~vdupras/duskos-deployments

Dusk OS deployment example
hp-mini: target Dusk v8
pc-floppy: Target Dusk v8
pc-bios: target Dusk v8

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#Dusk Deployments

This is a list of Dusk OS configurations for specific machines. Dusk OS doesn't do any kind of auto-probing, so you have to know your hardware and adjust configuration appropriately. You can use this repository as an inspiration for your own deployments.

If you have a deployment that isn't an exact copycat of something that is already in there, please send it to me, I'll merge it in. The more the merrier.

#Separation of concerns

The idea behind this separate repository is to avoid polluting Dusk OS's code with the myriad of possible configurations for a given system and have a "bazaar" of configurations here. Configurations are something that you'll want to maintain personally, but it's much easier to build a configuration if you have a wide selection of examples to choose from.

What we do want in Dusk OS directly are tools to work with specific machines. A machine running Dusk OS and having its whole fs directory should have all as many tools as possible to work with specific machines.

In short, configurations come in here, tools stay in Dusk OS.

#The case of the Raspberry Pi

Raspberry Pi need opaque firmware on their boot partitions. Generally, if you have a Raspberry Pi, you have those bootcode.bin and start.elf file, but it's possible that you don't. So if you don't have them handy, it's nice that Dusk comes with it. But where should it go, Dusk OS or Dusk Deployments?

On the one hand, if you're stuck with only a machine running Dusk OS and a Raspberry Pi with no firmware file, you need those files to deploy Dusk OS. So on the first look, they should go in Dusk OS.

But on the other hand, these files are deeply tied to the machine. If you have one without the other, you have a broken machine. Should Dusk OS also carry backup dumps of PC BIOS ROM in case you have a machine with a corrupted BIOS? I don't think so.

Therefore, these files live in Dusk Deployments.

#Code duplication

All configurations committed here have been tested on their target machine. There isn't supposed to be any broken configuration in this repo, only configurations targeting older Dusk releases.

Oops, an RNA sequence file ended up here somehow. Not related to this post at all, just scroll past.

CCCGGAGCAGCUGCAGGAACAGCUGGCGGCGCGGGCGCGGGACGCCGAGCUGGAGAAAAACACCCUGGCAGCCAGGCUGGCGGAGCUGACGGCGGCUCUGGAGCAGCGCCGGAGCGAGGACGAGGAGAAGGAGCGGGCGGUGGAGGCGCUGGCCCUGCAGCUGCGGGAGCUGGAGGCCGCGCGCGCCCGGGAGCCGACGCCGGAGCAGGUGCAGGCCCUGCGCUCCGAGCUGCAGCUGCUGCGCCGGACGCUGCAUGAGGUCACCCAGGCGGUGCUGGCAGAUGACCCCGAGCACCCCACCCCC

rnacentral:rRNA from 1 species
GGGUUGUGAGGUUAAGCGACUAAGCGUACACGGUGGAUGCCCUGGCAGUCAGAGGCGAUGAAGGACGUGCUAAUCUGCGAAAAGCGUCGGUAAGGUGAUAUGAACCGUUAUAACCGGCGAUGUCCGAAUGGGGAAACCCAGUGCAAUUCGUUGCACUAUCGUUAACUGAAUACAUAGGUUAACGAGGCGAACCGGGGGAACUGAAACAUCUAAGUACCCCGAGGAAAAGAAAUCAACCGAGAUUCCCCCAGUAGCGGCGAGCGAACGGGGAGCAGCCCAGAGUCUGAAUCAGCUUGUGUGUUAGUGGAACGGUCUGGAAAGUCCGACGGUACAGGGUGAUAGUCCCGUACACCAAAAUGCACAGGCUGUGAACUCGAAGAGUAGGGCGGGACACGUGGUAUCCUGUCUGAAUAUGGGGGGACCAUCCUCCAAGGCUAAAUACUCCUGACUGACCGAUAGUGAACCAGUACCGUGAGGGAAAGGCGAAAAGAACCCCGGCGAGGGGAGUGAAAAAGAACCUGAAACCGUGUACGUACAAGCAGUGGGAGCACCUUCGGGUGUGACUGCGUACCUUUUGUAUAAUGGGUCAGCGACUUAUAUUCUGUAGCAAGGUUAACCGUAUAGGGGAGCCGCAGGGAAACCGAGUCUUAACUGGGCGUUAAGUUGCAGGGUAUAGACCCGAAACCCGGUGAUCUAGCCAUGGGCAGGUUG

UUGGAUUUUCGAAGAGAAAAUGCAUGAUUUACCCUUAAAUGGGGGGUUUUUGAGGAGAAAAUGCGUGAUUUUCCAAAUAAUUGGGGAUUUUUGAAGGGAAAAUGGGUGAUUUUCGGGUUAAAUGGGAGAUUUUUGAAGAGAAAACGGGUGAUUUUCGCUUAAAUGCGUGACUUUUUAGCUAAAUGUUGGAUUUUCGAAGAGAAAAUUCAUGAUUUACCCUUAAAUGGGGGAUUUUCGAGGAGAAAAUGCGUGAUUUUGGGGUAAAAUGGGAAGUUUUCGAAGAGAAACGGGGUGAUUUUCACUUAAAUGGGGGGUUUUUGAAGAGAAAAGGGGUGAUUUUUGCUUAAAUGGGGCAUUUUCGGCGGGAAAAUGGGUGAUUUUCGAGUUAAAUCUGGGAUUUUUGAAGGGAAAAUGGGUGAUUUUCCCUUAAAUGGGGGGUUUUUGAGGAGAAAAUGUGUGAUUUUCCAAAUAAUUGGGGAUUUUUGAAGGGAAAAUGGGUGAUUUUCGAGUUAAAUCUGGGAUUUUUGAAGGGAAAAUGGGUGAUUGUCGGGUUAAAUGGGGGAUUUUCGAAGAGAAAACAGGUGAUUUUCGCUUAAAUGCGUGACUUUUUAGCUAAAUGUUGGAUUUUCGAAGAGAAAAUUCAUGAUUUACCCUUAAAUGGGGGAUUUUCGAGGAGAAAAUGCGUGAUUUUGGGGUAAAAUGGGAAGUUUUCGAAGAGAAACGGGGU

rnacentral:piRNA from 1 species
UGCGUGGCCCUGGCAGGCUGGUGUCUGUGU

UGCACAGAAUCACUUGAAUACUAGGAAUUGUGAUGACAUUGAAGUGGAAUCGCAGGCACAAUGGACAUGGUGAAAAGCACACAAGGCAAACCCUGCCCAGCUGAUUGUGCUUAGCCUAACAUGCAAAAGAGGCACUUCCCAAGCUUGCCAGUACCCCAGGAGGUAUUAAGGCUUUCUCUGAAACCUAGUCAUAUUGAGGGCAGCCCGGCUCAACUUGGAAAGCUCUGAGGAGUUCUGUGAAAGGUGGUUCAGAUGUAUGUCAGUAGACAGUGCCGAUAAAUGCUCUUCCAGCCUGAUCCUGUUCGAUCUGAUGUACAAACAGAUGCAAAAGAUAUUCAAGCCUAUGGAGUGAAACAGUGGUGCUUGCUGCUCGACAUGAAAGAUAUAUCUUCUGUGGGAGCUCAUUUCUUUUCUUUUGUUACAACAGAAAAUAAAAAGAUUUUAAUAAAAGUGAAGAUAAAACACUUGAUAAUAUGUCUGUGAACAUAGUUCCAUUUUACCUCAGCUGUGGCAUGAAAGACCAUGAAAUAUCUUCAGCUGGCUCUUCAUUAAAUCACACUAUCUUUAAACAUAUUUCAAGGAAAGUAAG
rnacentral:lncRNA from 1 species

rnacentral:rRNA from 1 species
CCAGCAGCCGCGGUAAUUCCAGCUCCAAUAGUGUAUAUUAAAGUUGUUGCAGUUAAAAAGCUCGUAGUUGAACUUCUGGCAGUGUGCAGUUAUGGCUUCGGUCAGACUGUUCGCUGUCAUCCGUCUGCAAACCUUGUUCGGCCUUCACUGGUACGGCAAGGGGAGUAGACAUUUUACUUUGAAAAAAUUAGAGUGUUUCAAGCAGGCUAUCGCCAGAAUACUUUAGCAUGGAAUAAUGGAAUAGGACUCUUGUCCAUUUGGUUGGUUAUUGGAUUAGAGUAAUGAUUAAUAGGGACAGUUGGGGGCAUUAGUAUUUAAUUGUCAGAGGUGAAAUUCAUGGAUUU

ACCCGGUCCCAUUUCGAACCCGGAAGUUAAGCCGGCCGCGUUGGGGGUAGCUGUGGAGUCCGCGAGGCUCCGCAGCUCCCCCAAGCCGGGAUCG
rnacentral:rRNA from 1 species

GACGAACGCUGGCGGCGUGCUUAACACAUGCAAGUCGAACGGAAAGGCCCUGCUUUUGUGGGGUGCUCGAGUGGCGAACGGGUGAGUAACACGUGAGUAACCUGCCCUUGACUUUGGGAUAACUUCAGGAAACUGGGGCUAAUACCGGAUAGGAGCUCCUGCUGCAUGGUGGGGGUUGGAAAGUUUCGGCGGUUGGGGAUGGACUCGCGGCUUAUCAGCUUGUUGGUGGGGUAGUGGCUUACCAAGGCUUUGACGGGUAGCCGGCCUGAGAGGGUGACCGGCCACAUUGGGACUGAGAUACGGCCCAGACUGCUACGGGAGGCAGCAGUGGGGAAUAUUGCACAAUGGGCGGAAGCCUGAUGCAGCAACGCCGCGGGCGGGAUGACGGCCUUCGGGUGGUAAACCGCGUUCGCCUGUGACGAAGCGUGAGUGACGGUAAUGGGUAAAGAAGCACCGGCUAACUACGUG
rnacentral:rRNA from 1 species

The broad idea behind this repo is that testing configurations on real hardware is time consuming. We want to minimize dependency chains, as in "I need to test that thing on hardware X Y and Z before I can mark it as correct".

Therefore, we allow different configurations to target different Dusk releases. When we happen to dust off a particular hardware, we "bump" the release.

This design also forces us to minimize code reuse and accept code duplication. If we share code between two configurations, it also means that we will need to update and test them together.

For some configurations that are very close to each other, such as pc-piix and pc-bios, we do share. But most of the time, we will just copy and paste configurations around to minimize coupling.

#Usage

Each deployment has its own directory with its own Makefile which targets a specific version of Dusk, that is, the last version this hardware has been tested as "correct" on.

To build a deployment configuration, you need:

  • a C compiler
  • Make (BSD or GNU)
  • A way to fetch a file from http: either curl, wget, or BSD's ftp.
  • mtools

Dusk OS has the ability to copy itself into a FAT without external tooling, but the makefiles in this repo don't bother using this capability and use mtools instead as its an easier fit with POSIX makefiles.

To build a deployment, you first need to download and unpack the appropriate Dusk versions at the right places. The getdusk.sh script will do so for all Dusk versions needed by all deployment configurations of this repository.

Therefore, the first thing you want to do when you first use this repository, or when you update it, is to be at the root of the project and do:

./getdusk.sh

Then, cd into the directory and run make. This should yield an image which you can deploy on your target media.

Each subdirectory has a README with hardware and deployment details.

#Emulation

Some targets can readily emulated via QEMU. Such target indicate (QEMU) next to their name in the list below. In such target, in addition to the regular make target, you can also run make emul to launch QEMU with the right parameters to run it.

#Deployment list

#i386

  • pc-bios: Barebone PC and BIOS diagnostic tools (QEMU)
  • pc-piix: PC of the "PIIX" architecture (QEMU)
  • pc-floppy: Example floppy PC deployment (QEMU)
  • hp-mini-2103070: HP Mini 210-3070
  • pcengine-alix: PC Engine's Alix board

#ARM

  • rpi: Raspberry Pi (Model 1, 2, 3) (QEMU)
  • pine64: Pine A64 LTS (WIP)